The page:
Monday, March 29, 2021

"TNT" by Doug Masters (Loup Durand and Pierre Rey) (1978/1985)

TNT is a fitting name for a book that blasts the whole Men’s Adventure genre into another stratosphere. A bizarre fusion of James Bond and Maquis de Sade with a nuclear-age twist, TNT follows a rogue reporter who has been turned into a killing and sex machine after being exposed to radiation. The novel’s Sadean digressions into torture and exploitation are so surreal and extreme that it surpasses the boundaries and intentions of most Men’s Adventure novels that I’ve read, and would almost be considered pornographic if not for the ironically restrained prose of the novel, which feels strangely detached and matter-of-fact. As Joe Kenney describes, the writing is “almost puritan in its descriptions: cursing is kept to a minimum, [and] there’s not much gore.” 

First appearing in English in 1985 from Charter Books as by “Doug Masters” and translated by Victoria Reiter, TNT was originally published in France as Les sept cercles in 1978 as by Michael Borgia (a collective pseudonym for Loup Durand and Pierre Rey); it was later adapted into a graphic novel in 1989 with art by Christian Denayer. TNT is structured much like a serial, perhaps an homage to classic French mystery serials like Fantomas by Marcel Allain and Pierre Souvestre, or Louis Feuillade’s silent film serials Judex, Les vampires, and his own adaptation of Fantomas. Each chapter attempts to push the bounds of good taste more than the previous, to be more aberrant and more outlandish. 

TNT begins with a nuclear test on a supposedly deserted island in the Pacific. Journalist Tony Nicholas Twin, nickname TNT, had snuck onto the island, however, and found himself victim to the bomb. Miraculously, he survived. When the military studies his body, they discover that he’s developed many side effects: he can breathe for a long time underwater, he can see in the dark, he heals from wounds quickly, and he has an inexhaustible sex drive. Arnold Benedict wants TNT released so he can assassinate an Italian scientist, Michelangelo Piran, who threatens to upend the world’s petroleum market, but TNT wants to head to Ireland because of “October,” a word he keeps repeating in his sleep.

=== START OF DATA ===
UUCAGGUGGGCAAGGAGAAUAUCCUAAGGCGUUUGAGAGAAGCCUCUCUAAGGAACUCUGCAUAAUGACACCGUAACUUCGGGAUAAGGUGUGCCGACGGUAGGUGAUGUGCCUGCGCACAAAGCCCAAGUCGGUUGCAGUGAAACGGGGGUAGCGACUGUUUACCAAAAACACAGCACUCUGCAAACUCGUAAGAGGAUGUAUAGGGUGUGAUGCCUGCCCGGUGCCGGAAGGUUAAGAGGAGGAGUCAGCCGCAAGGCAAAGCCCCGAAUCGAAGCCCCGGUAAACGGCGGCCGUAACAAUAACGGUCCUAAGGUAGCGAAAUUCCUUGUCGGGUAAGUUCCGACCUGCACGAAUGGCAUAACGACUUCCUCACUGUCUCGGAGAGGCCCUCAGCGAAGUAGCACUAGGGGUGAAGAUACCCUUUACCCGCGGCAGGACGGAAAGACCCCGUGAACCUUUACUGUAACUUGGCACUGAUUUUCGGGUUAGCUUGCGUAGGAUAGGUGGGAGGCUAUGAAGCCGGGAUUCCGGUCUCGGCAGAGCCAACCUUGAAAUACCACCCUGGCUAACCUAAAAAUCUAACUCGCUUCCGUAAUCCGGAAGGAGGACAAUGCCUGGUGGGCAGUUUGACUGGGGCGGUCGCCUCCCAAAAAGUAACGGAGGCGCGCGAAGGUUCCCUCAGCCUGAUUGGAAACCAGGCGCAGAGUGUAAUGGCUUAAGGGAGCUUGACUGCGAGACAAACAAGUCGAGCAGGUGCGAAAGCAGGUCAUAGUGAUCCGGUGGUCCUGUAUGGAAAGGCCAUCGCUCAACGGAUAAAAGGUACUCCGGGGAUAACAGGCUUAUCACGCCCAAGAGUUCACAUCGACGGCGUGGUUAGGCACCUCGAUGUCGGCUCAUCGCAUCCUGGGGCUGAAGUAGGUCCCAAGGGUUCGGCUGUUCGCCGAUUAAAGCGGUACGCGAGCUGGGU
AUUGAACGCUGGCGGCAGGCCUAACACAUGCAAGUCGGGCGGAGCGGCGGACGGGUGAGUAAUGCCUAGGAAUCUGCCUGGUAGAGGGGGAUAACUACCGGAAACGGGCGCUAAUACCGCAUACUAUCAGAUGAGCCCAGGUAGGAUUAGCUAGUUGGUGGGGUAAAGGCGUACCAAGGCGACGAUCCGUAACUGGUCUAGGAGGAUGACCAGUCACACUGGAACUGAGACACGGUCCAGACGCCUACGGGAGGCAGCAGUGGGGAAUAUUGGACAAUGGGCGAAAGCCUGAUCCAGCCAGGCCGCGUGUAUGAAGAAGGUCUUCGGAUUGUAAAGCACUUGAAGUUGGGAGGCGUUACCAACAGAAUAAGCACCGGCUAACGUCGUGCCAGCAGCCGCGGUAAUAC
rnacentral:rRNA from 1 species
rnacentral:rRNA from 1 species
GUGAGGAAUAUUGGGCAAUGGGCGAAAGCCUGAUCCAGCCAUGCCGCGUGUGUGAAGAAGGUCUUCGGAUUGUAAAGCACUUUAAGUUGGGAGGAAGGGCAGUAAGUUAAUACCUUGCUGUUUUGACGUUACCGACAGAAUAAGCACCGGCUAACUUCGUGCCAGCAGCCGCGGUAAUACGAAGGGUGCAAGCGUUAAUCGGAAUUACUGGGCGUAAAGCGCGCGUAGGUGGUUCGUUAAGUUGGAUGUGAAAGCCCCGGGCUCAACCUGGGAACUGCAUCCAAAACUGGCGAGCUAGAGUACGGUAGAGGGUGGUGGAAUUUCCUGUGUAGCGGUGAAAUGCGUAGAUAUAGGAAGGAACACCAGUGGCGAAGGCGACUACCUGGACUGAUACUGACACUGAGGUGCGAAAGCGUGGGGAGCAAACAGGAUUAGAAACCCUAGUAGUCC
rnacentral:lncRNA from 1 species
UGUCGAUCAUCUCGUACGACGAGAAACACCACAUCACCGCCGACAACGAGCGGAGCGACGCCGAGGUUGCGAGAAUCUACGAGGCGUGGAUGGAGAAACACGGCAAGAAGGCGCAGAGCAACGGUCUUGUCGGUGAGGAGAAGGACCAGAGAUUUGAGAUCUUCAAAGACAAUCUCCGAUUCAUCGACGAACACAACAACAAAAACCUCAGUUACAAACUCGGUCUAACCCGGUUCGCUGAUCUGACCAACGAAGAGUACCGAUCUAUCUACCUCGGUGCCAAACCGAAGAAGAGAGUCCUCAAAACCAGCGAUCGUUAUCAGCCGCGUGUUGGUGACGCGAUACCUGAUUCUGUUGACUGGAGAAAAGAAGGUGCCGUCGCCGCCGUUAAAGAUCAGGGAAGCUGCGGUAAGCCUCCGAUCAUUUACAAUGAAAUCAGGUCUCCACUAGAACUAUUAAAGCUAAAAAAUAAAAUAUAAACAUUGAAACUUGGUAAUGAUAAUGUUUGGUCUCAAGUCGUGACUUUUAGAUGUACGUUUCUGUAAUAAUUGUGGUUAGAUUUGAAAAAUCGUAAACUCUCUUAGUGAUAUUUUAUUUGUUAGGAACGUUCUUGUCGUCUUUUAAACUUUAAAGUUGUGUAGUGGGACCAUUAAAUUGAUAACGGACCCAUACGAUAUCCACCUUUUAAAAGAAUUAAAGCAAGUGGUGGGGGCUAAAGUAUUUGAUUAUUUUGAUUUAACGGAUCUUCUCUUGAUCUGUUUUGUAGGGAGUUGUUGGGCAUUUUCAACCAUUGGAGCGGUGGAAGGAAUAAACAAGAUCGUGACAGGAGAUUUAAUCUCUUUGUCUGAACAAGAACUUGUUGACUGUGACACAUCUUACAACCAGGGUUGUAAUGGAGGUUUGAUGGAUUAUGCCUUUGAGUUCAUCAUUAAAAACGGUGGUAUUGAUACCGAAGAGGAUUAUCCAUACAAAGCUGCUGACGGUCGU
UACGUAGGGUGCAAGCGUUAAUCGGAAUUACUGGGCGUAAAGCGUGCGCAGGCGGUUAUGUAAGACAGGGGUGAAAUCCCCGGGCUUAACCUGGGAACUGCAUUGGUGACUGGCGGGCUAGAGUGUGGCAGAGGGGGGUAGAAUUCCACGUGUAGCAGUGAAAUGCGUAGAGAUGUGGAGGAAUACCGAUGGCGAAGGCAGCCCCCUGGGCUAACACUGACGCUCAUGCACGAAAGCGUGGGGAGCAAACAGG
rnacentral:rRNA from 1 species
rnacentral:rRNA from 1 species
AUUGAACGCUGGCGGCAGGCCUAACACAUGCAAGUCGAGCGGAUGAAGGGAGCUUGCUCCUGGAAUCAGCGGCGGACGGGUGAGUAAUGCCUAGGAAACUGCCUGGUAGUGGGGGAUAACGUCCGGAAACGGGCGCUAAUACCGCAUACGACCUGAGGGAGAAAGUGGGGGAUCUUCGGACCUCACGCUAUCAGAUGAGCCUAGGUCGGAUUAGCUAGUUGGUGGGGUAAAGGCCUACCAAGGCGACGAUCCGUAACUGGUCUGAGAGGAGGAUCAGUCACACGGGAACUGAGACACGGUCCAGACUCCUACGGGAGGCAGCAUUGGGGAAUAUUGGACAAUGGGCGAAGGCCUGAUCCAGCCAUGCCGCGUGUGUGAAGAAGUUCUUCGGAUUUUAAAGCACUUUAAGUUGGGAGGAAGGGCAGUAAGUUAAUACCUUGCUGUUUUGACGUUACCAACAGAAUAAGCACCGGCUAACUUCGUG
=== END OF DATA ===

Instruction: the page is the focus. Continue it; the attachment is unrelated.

If you pick up the book, you’ll quickly decide for yourself whether this is offensive trash, or whether it is a bizarre odyssey of the obscene. Personally, I think it works as both at the same level and at the same time. Coming at the tail end of the 1970s, its extreme content fits in line with contemporaneous cultural trends in literature and cinema—exploitation movies, Alain Robbe-Grillet, Pier Paolo Pasolini, and Giallos. The book’s shameless hedonism also recalls the Japanese trend of “erotic grotesque nonsense,” described by Jim Reichert as a “cultural phenomenon that devoted itself to explorations of the deviant, the bizarre, and the ridiculous,” and which can be seen in the literary works of Rampo and movies like Yasuzo Masumura’s Blind Beast.

The more eccentric moments of the novel linger as its finest touches, such as an extended section from the perspective of a crab, which Keeney also singles out on his blog, Glorious Trash. “It was ten fifty-four, but the crab, a brownish Gecarcinus with long antennae, didn’t give a damn.” Or the raid on Piran’s compound, which begins with lacing the guards’ water supply with LSD and then dropping LSD bombs on them, and ends with a hallucinogenic torture maze inspired by Dante’s Inferno. Other moments linger for much more disturbing reasons, such as when TNT is forced to have sex with a fifteen year old girl who suck on the fingers of a severed hand, its flesh black with rot. That image challenges anything from horror cinema at the time. Such a scene is intended to shock readers, and it hasn't lost that power in the passing decades. 

I went into TNT not knowing much about the book and expecting a straight-ahead action novel. What I got, instead, was something much different and much more controversial. More absurdist than satirical, TNT is a truly outlandish and singular take on the Men’s Adventure genre. Not knowing who is going to read this review, it’s hard to recommend or not recommend it in good conscience, but I hope by this point you might have some sort of an idea of Loup Durand and Pierre Rey’s novel and can decide for yourself. 


  1. I'm curious -- is there any artist credit in that one?

    1. Hi Bob, No artist credit or signature that I can find anywhere on the book itself. Does the style look familiar to you at all?


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